Forgot password?

Working in Bangkok ?

Join InterNations to meet other expats where you live and read more articles like Working in Bangkok with relevant information for expats.

Martin Beck

Living in Thailand, from Germany

"I've been looking for a shop where to buy German food here in Bangkok. Fellow expats on InterNations finally told me how to find the right stores."

Helen Laidboe

Living in Thailand, from USA

"It' such a a pity that we have to leave Bangkok soon. I'll miss the InterNations expat community so much, especially the great events!"

InterNations - a community of trust

Bangkok at a Glance

Working in Bangkok

Working in Bangkok will give you an insight into a dynamic city and Thailand’s major business hub. However, it can also be quite challenging for many expats. The InterNations guide to working in Bangkok provides you with information on employment, visa rules, taxation, and more.

Working in Bangkok, expatriates will participate in the commercial activity of Thailand’s economic center and a pivotal location for Southeast Asian business. The national GDP has even overtaken those of Malaysia, Hong Kong, and the Singaporean tiger.

Bangkok is definitely the motor of Thailand’s economy. Indeed, the laborers, employees, and executives working in Bangkok create an annual gross domestic product which dwarfs that of Thailand’s poorest province.

Economic Climate

The country’s political crisis of the past few years and the recession that hit the global economy at first led analysts to dire predictions about the immediate future of Bangkok’s urban economy.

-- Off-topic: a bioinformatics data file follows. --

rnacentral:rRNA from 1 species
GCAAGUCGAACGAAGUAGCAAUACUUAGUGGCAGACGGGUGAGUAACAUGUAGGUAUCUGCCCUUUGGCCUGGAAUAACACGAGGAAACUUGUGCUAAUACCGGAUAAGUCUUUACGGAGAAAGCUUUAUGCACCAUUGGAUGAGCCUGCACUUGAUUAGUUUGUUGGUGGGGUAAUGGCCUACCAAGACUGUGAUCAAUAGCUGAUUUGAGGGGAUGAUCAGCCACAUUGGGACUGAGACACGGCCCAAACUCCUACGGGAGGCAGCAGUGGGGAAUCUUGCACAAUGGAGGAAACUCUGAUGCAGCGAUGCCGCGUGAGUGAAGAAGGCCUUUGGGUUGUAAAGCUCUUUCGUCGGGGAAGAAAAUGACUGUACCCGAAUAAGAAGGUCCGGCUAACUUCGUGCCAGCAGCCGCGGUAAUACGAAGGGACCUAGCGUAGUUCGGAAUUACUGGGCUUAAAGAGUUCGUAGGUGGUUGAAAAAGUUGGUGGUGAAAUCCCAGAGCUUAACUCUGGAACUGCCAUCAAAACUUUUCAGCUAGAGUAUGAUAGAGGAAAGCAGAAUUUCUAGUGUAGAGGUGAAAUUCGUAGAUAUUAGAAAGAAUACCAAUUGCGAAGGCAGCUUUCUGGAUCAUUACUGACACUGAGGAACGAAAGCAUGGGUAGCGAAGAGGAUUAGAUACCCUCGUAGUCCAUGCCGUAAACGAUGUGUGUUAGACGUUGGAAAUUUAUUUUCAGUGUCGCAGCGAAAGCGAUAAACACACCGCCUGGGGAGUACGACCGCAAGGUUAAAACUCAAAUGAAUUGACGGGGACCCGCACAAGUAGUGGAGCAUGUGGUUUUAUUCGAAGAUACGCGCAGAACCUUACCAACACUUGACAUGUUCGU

However, it seems as though the capital was not affected too much by the anti-government protests. At the end of 2010, the Thailand Stock Exchange was on the upswing, and after the general election of 2011, it was time to be optimistic about working in Bangkok.

But then, in autumn 2011, major flooding from a heavy monsoon season reached the capital and disrupted the lives of thousands. For example, major industrial estates in Pathum Thani, directly to the north of Bangkok, were severely affected.

The local microelectronics industry was also hit very hard. In fact, most hard-disk drives are produced by factory laborers working in Bangkok’s metropolitan region, so that the global IT industry had to cope with a HDD shortage well into 2012.

By now, however, the national economy of Thailand is securely back on track, with an annual GDP growth of 4.5% in 2012. Experts are even predicting a growth rate of over 5% for 2013.

Fields of Employment

Expats working in Bangkok are likely to be either part of an intra-company transfer or to find a position with the Thai branch of a multinational company, such as Unilever, Tesco Lotus, or Sony. Bangkok is also home to Thailand’s stock exchange and a major financial hub in Southeast Asia.

It should thus not come as a surprise that quite a few expatriates are employed in Bangkok’s finance sector. Most of them are working for one of the commercial banks that have their regional headquarters in Bangkok.

Working in Bangkok is also an attractive option for specialists from communications, real estate, transport, or the field of tourism. The latter in particular is an important employer in the Bangkok area.

Major Industries

As far as industry is concerned, working in Bangkok’s manufacturing plants focuses, to a large extent, on processing the crops from agriculture and forestry or creating popular arts and crafts. Convenience food, processed rice, and lumber are among the most important products made in Bangkok, as are gemstones and jewelry.

Moreover, Bangkok is a center of textile production as well as of the petrochemical industry. With regard to high-tech and consumer products, expats could also be working in Bangkok’s electronics industry or in the automotive plants of Greater Bangkok.

InterNations Expat Magazine